“Our preliminary data from January through June 2022 show that PV solar installations were delayed by an average of 4.4 GW each month, compared with average monthly delays of 2.6 GW during the same period last year,” according to the EIA. In most cases, the reported delays are for six months or less, the EIA added.
Although the utility-scale solar deployment reached 17 GW of capacity in 2021, utility-scale additions are expected to fall by 14% this year, thanks to a combination of project cancellations and delays from 2022 to 2023, according to a report by the Solar Energy Industries Association and analysis from the consulting firm Wood Mackenzie. For the 2022 pipeline, developers are said to have postponed at least 8% of planned utility-scale capacity to 2023 or later and canceled at least 5% as supply chains continue to face backlogs and delays, the report said.
As if global breakdown in the supply chain isn’t enough to worry about, many utilities developing solar projects are also keeping an eye on the Department of Commerce’s investigation into whether Southeast Asian solar manufacturers, which produce about 80% of the solar panels imported into the U.S., are circumventing U.S. tariffs by using prohibited Chinese parts in their solar panel components. The department’s investigation is expected to conclude in spring 2023.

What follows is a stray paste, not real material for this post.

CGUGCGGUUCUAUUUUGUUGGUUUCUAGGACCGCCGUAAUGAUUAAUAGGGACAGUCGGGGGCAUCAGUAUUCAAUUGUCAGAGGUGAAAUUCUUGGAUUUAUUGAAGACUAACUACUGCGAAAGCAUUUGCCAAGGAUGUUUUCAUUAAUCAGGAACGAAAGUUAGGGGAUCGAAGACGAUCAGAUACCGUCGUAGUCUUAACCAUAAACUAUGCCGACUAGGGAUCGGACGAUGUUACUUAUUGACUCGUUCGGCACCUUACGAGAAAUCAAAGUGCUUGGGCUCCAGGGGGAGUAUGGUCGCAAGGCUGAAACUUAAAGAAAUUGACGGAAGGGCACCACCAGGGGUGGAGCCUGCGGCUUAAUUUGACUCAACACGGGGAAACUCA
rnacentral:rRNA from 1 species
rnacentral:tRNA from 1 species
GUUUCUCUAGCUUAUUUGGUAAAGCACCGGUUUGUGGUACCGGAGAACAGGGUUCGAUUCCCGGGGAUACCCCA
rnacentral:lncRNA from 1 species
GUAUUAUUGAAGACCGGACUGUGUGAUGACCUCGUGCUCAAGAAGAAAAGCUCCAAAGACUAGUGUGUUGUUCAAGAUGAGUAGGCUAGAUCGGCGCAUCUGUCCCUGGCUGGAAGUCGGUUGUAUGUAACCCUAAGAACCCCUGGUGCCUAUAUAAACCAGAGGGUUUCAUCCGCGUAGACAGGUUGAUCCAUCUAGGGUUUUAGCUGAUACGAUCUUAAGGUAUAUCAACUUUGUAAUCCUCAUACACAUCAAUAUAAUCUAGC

The American Public Power Association conducted an initial survey on supply chain impacts in public power in November 2021, which identified constraints among all types of components, from smart meters to bucket trucks, conduits, and bolts. A more recent survey of APPA’s members, conducted in August 2022, focused on the top concern identified by all electric utilities, which is the shortage of distribution transformers. That survey found the average lead time for transformer delivery has expanded beyond a year, up from a three-month norm that had been the average prior to the pandemic. Public power utilities have reported being quoted even longer lead times or not even getting bids from manufacturers they have relied on for years. The survey also found that one in five respondents have canceled or delayed projects due to the shortage. The demand for distribution transformers is only going to continue to grow, meaning the problem is not temporary.